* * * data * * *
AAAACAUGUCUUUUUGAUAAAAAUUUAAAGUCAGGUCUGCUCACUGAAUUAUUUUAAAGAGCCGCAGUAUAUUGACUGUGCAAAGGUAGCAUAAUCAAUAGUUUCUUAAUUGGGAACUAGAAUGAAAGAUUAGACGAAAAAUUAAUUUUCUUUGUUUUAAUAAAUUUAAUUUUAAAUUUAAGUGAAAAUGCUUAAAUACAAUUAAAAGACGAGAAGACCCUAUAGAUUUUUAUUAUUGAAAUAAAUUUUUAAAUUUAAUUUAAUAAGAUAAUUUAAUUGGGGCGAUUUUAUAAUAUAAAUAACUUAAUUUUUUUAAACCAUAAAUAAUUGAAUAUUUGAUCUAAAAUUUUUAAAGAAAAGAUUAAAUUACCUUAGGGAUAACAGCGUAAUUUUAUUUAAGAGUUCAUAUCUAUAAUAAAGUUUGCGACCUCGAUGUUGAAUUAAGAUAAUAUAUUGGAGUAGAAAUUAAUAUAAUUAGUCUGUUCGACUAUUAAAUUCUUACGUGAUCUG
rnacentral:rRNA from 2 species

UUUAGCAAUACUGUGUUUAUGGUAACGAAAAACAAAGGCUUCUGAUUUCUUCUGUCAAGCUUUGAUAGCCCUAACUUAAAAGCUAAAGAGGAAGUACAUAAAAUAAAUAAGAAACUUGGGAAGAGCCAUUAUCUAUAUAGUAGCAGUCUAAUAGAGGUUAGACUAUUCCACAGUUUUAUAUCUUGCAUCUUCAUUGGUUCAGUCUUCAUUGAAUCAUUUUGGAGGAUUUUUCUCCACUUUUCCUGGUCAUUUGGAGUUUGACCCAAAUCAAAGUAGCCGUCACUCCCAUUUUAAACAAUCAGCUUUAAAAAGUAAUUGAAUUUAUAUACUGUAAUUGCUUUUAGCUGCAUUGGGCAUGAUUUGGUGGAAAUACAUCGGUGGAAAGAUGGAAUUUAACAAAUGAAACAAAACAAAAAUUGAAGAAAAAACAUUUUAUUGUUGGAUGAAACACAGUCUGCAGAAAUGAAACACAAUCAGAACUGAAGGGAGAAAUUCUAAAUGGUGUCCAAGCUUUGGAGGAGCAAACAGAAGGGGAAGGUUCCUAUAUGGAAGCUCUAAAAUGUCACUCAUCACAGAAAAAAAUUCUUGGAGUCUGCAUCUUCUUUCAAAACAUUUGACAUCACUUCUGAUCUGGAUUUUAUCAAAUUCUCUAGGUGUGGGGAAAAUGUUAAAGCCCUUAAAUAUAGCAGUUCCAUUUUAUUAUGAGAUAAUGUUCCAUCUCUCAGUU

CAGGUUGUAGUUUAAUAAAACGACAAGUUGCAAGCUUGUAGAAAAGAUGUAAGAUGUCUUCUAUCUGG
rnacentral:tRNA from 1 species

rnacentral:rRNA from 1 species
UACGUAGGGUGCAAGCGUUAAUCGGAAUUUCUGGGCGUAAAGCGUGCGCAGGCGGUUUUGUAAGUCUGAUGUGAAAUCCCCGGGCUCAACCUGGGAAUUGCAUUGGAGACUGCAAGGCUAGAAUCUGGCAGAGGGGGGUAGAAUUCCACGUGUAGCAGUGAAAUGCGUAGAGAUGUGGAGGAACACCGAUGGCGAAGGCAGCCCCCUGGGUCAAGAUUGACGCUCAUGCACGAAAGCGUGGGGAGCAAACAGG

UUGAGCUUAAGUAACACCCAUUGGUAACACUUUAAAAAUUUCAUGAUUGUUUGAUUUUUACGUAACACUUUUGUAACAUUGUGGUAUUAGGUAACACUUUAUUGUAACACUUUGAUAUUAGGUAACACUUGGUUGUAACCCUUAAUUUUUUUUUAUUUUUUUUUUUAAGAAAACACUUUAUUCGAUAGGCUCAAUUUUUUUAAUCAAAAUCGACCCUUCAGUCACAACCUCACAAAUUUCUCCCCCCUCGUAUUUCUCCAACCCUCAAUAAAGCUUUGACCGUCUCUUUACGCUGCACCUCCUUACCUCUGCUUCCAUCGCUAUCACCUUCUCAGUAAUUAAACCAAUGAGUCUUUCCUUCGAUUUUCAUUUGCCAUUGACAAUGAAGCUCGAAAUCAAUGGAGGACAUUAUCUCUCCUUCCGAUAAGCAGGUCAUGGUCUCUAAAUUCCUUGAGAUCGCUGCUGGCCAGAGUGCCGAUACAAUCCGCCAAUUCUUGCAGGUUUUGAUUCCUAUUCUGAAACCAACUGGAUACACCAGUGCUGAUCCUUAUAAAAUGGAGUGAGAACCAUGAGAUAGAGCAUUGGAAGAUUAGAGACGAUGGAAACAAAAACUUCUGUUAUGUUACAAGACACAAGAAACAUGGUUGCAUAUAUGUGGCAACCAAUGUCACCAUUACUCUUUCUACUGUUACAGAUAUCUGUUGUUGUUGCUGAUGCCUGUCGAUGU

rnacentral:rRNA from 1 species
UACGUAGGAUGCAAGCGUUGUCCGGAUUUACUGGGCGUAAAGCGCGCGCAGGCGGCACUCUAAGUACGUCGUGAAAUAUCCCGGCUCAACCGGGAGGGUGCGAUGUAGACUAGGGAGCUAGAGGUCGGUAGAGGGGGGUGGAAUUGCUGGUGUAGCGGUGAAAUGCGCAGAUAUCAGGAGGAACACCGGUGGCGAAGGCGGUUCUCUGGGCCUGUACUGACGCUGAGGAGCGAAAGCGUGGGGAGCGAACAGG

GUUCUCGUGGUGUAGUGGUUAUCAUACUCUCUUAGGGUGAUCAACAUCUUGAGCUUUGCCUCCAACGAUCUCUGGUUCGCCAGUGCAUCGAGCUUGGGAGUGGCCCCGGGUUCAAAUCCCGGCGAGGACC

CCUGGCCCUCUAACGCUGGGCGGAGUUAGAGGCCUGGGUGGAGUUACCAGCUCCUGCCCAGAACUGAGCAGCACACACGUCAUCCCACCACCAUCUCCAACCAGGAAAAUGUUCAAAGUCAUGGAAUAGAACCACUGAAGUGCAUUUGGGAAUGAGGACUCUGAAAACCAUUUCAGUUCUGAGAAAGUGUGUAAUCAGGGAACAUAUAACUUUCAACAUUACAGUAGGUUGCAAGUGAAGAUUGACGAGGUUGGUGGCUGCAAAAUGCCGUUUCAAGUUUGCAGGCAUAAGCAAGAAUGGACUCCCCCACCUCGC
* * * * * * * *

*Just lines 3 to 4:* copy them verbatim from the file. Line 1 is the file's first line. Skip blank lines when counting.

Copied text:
UUUAGCAAUACUGUGUUUAUGGUAACGAAAAACAAAGGCUUCUGAUUUCUUCUGUCAAGCUUUGAUAGCCCUAACUUAAAAGCUAAAGAGGAAGUACAUAAAAUAAAUAAGAAACUUGGGAAGAGCCAUUAUCUAUAUAGUAGCAGUCUAAUAGAGGUUAGACUAUUCCACAGUUUUAUAUCUUGCAUCUUCAUUGGUUCAGUCUUCAUUGAAUCAUUUUGGAGGAUUUUUCUCCACUUUUCCUGGUCAUUUGGAGUUUGACCCAAAUCAAAGUAGCCGUCACUCCCAUUUUAAACAAUCAGCUUUAAAAAGUAAUUGAAUUUAUAUACUGUAAUUGCUUUUAGCUGCAUUGGGCAUGAUUUGGUGGAAAUACAUCGGUGGAAAGAUGGAAUUUAACAAAUGAAACAAAACAAAAAUUGAAGAAAAAACAUUUUAUUGUUGGAUGAAACACAGUCUGCAGAAAUGAAACACAAUCAGAACUGAAGGGAGAAAUUCUAAAUGGUGUCCAAGCUUUGGAGGAGCAAACAGAAGGGGAAGGUUCCUAUAUGGAAGCUCUAAAAUGUCACUCAUCACAGAAAAAAAUUCUUGGAGUCUGCAUCUUCUUUCAAAACAUUUGACAUCACUUCUGAUCUGGAUUUUAUCAAAUUCUCUAGGUGUGGGGAAAAUGUUAAAGCCCUUAAAUAUAGCAGUUCCAUUUUAUUAUGAGAUAAUGUUCCAUCUCUCAGUU

CAGGUUGUAGUUUAAUAAAACGACAAGUUGCAAGCUUGUAGAAAAGAUGUAAGAUGUCUUCUAUCUGG